Supply chain management for the process industry.
Doctoral thesis, UCL (University College London).
This thesis investigates some important problems in the supply chain management (SCM) for the process industry to fill the gap in the literature work, covering production planning and scheduling, production, distribution planning under uncertainty, multiobjective supply chain optimisation and water resources management in the water supply chain planning. To solve these problems, models and solution approaches are developed using mathematical programming, especially mixed-integer linear programming (MILP), techniques. First, the medium-term planning of continuous multiproduct plants with sequence-dependent changeovers is addressed. An MILP model is developed using Travelling Salesman Problem (TSP) classic formulation. A rolling horizon approach is also proposed for large instances. Compared with several literature models, the proposed models and approaches show significant computational advantage. Then, the short-term scheduling of batch multiproduct plants is considered. TSP-based formulation is adapted to model the sequence-dependent changeovers between product groups. An edible-oil deodoriser case study is investigated. Later, the proposed TSP-based formulation is incorporated into the supply chain planning with sequence-dependent changeovers and demand elasticity of price. Model predictive control (MPC) is applied to the production, distribution and inventory planning of supply chains under demand uncertainty. A multiobjective optimisation problem for the production, distribution and capacity planning of a global supply chain of agrochemicals is also addressed, considering cost, responsiveness and customer service level as objectives simultaneously. Both ε- constraint method and lexicographic minimax method are used to find the Pareto-optimal solutions Finally, the integrated water resources management in the water supply chain management is addressed, considering desalinated water, wastewater and reclaimed water, simultaneously. The optimal production, distribution and storage systems are determined by the proposed MILP model. Real cases of two Greek islands are studied.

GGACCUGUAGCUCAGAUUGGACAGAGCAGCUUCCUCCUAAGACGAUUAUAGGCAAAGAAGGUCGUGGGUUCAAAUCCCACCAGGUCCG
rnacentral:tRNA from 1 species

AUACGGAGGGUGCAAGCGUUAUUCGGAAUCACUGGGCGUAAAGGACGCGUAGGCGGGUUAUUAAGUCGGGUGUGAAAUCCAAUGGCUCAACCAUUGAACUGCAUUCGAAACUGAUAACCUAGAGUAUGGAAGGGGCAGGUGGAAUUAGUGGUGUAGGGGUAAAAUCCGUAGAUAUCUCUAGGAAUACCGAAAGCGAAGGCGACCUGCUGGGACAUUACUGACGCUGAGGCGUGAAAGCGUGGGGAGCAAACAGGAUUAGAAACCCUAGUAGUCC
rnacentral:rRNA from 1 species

|Title:||Supply chain management for the process industry|
|Open access status:||An open access version is available from UCL Discovery|
|UCL classification:||UCL > School of BEAMS > Faculty of Engineering Science > Chemical Engineering|
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